Anti-reflux, commonly known as heartburn, is a major cause of the condition called gastroesophageal reflux disease, more commonly known as GERD. Both are forms of anti-reflux conditions, but they are slightly different. Acid reflux is generally defined as a condition that allows stomach acids to back up into the esophagus. Advanced forms of this condition are known as GERD. Various surgical treatments are available to treat reflex conditions, one of the most commonly performed these days being laparoscopic anti-reflux surgery.
In the medical field, GERD surgical procedures are known as fundoplication. This surgical procedure prevents acid from backing up into the esophagus, creating sensations like heartburn and upset stomach. Two types of anti reflux surgery procedures are commonly performed:
The Open Nissen fundoplication procedure is considered an open procedure through surgical incisions into the abdomen. The surgeon accesses the stomach and literally wraps the upper portion of the stomach, called the fundus, around the esophagus, where it is stitched into place to prevent stomach fluid from backing up into the esophagus.
A laparoscopic fundoplication utilizes laparoscopy and is a less invasive procedure that requires several very small incisions made into abdomen. A laparoscope or tube with a small camera attached to one end is inserted into one of the incisions, enabling the surgeon to view interior organs on a monitor or screen in the operating room. Additional small instruments are inserted through the additional incisions to complete the process in the same manner as the Open Nissen fundoplication, though in a smaller, less invasive area.
A relatively new procedure in anti-reflux surgical procedures is called Transoral Flexible Endoscopic Suturing. This method enables the surgeon to perform endoscopic suturing of the stomach to the esophagus through a tube inserted into the mouth, down the esophagus and into the stomach area. A small device that functions much like a miniature sewing machine is attached to the end of the endoscope, and stitches are placed at the sphincter of the lower esophageal tube, which tightens the valve leading into the stomach, thereby increasing pressure to prevent the backflow or reflex of stomach acids and the esophagus.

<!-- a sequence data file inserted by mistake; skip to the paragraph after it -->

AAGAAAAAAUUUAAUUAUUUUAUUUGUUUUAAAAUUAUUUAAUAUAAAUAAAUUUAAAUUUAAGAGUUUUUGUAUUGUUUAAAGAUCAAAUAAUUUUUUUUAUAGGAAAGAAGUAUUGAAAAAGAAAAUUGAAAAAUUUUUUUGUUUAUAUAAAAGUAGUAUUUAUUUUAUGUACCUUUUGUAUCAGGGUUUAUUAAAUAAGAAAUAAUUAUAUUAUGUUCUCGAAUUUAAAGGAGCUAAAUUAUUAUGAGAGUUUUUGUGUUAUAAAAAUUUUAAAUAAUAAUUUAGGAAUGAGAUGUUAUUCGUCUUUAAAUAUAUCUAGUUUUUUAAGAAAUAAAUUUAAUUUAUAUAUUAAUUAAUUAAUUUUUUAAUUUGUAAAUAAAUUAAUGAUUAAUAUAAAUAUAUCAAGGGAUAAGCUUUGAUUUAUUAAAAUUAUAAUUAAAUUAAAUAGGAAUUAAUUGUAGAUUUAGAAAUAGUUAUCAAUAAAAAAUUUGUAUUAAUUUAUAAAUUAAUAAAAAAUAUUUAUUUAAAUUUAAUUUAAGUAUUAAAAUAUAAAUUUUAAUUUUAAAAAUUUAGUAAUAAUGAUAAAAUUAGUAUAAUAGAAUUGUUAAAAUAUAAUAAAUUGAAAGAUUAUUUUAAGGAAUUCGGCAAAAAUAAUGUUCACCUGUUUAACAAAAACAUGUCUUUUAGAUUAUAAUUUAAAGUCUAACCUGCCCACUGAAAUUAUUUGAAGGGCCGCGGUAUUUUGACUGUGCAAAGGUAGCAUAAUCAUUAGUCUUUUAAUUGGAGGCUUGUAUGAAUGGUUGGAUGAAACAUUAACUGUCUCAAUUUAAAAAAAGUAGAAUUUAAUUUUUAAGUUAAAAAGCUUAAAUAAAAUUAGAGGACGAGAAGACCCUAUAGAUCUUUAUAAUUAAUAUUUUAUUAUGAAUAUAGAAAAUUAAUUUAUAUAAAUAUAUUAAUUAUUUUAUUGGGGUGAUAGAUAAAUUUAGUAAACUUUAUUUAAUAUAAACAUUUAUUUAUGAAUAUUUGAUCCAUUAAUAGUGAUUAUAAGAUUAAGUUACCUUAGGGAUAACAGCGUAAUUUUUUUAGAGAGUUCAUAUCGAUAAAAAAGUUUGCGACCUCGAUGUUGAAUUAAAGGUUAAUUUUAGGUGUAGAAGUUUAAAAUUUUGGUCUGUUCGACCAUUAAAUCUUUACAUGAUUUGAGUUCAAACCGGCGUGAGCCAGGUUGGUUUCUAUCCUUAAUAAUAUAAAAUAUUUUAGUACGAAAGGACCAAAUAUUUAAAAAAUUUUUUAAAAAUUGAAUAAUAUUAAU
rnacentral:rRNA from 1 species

Individuals who suffer from chronic reflux conditions may benefit from various methods of anti-reflux surgical procedures. The benefits of such procedures help relieve symptoms in a matter of days, reduce necessity of medications and improving quality of life as well as symptoms in individuals diagnosed with the condition.
Laparoscopic surgeries should be performed by a experienced surgeon trained in minimally invasive surgical procedures. Laparoscopic surgeons should be familiar with a variety of procedures utilizing laparoscopic technique and equipment in his or her field of study or specialty. Surgeons who perform laparoscopic surgeries should be board-eligible or certified practicing surgeons, Residents or Fellows in accredited programs including gynecology, urology, and oncology, or are board eligible and certified practicing gynecologists, urologists, or other physicians who engage in and perform laparoscopic procedures.
Laparoscopic Surgery | Best Medical Care